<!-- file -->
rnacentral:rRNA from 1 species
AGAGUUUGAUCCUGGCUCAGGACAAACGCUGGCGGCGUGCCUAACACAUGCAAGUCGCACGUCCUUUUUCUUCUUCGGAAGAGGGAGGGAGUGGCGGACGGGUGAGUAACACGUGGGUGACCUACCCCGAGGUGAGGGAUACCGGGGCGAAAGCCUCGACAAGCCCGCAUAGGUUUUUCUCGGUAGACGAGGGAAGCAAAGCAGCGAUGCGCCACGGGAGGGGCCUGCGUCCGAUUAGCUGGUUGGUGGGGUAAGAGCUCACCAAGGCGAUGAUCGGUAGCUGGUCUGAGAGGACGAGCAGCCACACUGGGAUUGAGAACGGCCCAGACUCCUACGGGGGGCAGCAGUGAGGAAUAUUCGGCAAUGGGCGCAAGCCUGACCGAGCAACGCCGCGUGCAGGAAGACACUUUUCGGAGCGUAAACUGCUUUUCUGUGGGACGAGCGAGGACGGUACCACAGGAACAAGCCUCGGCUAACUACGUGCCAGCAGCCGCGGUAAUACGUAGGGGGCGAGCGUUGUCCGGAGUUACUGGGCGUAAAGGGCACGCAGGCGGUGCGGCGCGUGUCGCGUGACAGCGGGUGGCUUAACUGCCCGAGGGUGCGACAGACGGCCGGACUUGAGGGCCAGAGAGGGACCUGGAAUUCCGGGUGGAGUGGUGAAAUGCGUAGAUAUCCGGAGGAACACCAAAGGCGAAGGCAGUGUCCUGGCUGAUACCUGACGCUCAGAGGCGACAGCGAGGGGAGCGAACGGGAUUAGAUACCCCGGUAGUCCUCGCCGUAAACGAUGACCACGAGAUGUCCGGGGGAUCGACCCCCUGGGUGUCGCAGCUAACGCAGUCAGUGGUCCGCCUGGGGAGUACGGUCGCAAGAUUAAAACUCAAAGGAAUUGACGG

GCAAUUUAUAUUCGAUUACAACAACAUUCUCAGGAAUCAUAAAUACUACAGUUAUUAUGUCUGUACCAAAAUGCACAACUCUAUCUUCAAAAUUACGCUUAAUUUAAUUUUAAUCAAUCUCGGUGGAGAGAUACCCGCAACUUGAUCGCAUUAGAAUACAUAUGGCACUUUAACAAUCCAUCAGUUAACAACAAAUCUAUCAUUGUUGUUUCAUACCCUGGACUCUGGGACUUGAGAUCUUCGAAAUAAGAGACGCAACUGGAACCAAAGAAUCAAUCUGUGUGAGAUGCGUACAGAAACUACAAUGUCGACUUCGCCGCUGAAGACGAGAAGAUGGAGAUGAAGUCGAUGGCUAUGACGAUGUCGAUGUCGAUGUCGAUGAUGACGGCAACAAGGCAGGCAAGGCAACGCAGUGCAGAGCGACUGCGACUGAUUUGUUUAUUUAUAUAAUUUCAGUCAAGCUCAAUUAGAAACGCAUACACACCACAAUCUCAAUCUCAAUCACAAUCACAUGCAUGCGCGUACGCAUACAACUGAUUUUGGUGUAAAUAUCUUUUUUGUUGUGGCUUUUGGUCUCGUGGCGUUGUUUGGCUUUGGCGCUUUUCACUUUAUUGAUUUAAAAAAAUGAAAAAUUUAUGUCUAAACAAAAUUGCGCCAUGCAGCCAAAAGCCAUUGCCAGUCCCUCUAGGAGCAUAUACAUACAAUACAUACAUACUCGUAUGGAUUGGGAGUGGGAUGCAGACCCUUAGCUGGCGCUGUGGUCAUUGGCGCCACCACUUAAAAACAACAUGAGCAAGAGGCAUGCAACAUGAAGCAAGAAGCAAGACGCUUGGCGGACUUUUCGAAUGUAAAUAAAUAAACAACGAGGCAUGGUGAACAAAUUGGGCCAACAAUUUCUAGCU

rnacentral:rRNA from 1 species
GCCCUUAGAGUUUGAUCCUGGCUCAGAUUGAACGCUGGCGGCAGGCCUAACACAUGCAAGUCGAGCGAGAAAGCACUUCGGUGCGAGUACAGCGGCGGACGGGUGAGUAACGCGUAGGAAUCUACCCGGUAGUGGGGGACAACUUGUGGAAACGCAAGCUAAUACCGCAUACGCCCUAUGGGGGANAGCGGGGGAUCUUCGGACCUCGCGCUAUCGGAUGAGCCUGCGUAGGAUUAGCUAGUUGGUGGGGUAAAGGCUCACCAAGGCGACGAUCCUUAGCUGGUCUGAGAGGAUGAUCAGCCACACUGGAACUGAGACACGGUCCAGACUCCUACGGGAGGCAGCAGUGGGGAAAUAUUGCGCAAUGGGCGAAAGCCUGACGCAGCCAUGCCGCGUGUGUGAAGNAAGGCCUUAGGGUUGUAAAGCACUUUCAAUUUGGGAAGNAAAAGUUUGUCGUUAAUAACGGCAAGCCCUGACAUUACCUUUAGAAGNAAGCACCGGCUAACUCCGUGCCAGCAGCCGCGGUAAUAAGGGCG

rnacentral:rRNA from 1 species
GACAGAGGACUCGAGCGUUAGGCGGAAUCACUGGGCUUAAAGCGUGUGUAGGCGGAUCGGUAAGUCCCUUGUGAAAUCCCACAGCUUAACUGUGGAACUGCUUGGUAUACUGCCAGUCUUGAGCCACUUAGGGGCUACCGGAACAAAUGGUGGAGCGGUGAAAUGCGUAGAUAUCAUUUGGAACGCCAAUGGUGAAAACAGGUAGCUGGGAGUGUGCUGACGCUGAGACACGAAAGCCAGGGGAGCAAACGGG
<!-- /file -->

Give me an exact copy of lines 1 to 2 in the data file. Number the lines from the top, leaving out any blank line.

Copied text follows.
rnacentral:rRNA from 1 species
AGAGUUUGAUCCUGGCUCAGGACAAACGCUGGCGGCGUGCCUAACACAUGCAAGUCGCACGUCCUUUUUCUUCUUCGGAAGAGGGAGGGAGUGGCGGACGGGUGAGUAACACGUGGGUGACCUACCCCGAGGUGAGGGAUACCGGGGCGAAAGCCUCGACAAGCCCGCAUAGGUUUUUCUCGGUAGACGAGGGAAGCAAAGCAGCGAUGCGCCACGGGAGGGGCCUGCGUCCGAUUAGCUGGUUGGUGGGGUAAGAGCUCACCAAGGCGAUGAUCGGUAGCUGGUCUGAGAGGACGAGCAGCCACACUGGGAUUGAGAACGGCCCAGACUCCUACGGGGGGCAGCAGUGAGGAAUAUUCGGCAAUGGGCGCAAGCCUGACCGAGCAACGCCGCGUGCAGGAAGACACUUUUCGGAGCGUAAACUGCUUUUCUGUGGGACGAGCGAGGACGGUACCACAGGAACAAGCCUCGGCUAACUACGUGCCAGCAGCCGCGGUAAUACGUAGGGGGCGAGCGUUGUCCGGAGUUACUGGGCGUAAAGGGCACGCAGGCGGUGCGGCGCGUGUCGCGUGACAGCGGGUGGCUUAACUGCCCGAGGGUGCGACAGACGGCCGGACUUGAGGGCCAGAGAGGGACCUGGAAUUCCGGGUGGAGUGGUGAAAUGCGUAGAUAUCCGGAGGAACACCAAAGGCGAAGGCAGUGUCCUGGCUGAUACCUGACGCUCAGAGGCGACAGCGAGGGGAGCGAACGGGAUUAGAUACCCCGGUAGUCCUCGCCGUAAACGAUGACCACGAGAUGUCCGGGGGAUCGACCCCCUGGGUGUCGCAGCUAACGCAGUCAGUGGUCCGCCUGGGGAGUACGGUCGCAAGAUUAAAACUCAAAGGAAUUGACGG